Thousands of people defy Sudan lockdown to keep anti-coup protests alive

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Khartoum (AFP) – Thousands of Sudanese protesters joined new protests against the army’s October 25 coup on Thursday, braving tear gas, cutting communication links and strict containment in the capital, correspondents reported. from AFP.

Protesters reached a few hundred meters (yards) from the presidential palace in Khartoum, the seat of the military leader, General Abdel Fattah al-Burhan, before troops, police and paramilitary units threw several tear gas canisters into the crowd.

Activists call for a transition to civilian rule. Witnesses reported similar protests against the coup in Madani, south of the capital, and in the towns of Kassala and Port Sudan to the east.

Pro-democracy activists have continued a campaign of street protests against the takeover of the military, despite a crackdown that has left at least 48 people dead in violence linked to the protests, according to the Independent Committee of Physicians.

Security forces had deployed in force across Khartoum in preparation for Thursday’s protest.

Army and police patrols roamed the streets, while shipping containers blocked the Nile bridges that connect the capital to its northern suburbs and sister city Omdurman.

Bridges were blocked during the latest demonstrations on December 26, when tens of thousands of people took to the streets.

But for Thursday’s protests, new surveillance cameras had been installed on the main arteries along which the demonstrators were to march.

For the first time, the authorities have also cut all telephone lines, both international and national.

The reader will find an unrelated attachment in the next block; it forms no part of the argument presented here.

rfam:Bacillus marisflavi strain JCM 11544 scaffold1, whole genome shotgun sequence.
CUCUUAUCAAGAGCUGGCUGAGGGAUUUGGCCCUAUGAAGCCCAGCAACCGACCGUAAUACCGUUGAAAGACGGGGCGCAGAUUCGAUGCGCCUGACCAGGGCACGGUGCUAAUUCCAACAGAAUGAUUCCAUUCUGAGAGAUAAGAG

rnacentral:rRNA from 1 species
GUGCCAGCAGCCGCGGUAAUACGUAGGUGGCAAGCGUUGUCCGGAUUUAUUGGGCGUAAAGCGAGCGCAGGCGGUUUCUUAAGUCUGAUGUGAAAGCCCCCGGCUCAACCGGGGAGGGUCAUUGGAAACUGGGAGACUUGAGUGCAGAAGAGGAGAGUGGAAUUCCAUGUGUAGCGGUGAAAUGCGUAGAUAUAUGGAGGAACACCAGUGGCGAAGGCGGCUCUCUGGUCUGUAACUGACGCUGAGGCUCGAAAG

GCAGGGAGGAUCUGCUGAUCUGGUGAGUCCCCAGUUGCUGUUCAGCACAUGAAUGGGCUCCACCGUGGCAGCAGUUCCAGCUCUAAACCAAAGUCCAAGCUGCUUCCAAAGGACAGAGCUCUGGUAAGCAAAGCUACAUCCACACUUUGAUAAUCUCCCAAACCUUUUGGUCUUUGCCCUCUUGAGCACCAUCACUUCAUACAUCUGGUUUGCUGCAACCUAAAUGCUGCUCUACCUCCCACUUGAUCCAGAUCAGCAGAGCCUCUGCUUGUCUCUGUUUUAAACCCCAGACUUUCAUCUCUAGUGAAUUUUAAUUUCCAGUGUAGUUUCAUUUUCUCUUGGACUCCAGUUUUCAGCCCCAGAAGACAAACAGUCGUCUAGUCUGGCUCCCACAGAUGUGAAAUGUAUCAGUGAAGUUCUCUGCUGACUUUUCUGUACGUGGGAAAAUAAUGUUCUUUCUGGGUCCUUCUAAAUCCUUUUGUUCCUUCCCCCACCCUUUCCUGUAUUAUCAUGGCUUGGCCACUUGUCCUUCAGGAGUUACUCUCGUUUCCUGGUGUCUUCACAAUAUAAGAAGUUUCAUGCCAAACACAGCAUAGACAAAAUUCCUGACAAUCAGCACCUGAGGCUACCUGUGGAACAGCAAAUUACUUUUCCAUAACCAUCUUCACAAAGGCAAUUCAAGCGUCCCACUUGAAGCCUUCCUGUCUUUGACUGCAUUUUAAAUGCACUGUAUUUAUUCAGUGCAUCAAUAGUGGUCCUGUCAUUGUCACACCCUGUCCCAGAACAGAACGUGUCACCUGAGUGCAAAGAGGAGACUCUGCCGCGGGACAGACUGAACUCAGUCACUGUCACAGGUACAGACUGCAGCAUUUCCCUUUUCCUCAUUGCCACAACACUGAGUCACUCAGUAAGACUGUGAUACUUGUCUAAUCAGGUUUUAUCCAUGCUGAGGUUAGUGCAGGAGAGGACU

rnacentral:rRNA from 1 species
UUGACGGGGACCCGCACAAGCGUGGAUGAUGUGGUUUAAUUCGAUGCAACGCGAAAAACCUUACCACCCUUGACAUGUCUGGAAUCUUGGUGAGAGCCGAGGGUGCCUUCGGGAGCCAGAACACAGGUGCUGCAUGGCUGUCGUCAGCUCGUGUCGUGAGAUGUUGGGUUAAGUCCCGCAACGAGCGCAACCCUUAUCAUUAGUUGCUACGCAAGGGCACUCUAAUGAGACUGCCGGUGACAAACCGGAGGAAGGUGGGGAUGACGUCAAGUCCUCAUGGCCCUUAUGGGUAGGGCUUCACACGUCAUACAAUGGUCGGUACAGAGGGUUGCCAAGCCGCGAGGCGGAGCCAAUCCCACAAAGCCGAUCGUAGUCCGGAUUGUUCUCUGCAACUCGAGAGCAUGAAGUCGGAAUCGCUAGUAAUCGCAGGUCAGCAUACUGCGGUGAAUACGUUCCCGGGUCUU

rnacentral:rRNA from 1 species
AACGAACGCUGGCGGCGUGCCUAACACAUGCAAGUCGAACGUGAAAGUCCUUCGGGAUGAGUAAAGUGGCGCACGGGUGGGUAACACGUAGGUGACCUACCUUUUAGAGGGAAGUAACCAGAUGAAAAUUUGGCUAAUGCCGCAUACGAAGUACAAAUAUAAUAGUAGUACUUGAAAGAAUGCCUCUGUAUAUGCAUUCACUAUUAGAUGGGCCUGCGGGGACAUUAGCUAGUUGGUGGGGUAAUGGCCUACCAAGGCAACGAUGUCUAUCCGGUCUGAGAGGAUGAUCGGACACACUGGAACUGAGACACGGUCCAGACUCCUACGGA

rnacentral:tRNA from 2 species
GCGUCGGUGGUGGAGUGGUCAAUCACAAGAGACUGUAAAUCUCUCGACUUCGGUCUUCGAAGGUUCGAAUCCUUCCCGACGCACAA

Web watch group NetBlocks reported that mobile internet services were cut as of mid-morning Thursday. Activists are using the internet to organize protests and broadcast live footage of the rallies.

United States calls for calm

The US embassy has called for restraint on the Burhan-led government, which relied on a controversial partnership agreement in November with civilian Prime Minister Abdalla Hamdok to calm public anger.

Khartoum Cléa PÉCULIER AFP

“The United States Embassy reiterates its support for the peaceful expression of democratic aspirations and the need to respect and protect individuals exercising freedom of expression,” said a statement.

“We call for extreme discretion in the use of force and urge the authorities to refrain from resorting to arbitrary detention.”

Activists condemned the sexual assaults during protests on December 19, in which the UN said at least 13 women and girls had been raped or gang raped.

The European Union and the United States issued a joint statement condemning the use of sexual violence “as a weapon to keep women away from protests and silence their voices.”

Hamdok had been under house arrest for weeks before being reinstated under the November deal, which promised elections for July 2023.

But the deal was widely criticized as a gift to the military, which gave its coup a coat of legitimacy.

Sudan still does not have a functioning government, a precondition for resuming international aid cut off in response to the coup.

More than 14 million people, or a third of the Sudanese population, will need humanitarian assistance next year, according to the United Nations Office for the Coordination of Humanitarian Affairs, the highest level in a decade.

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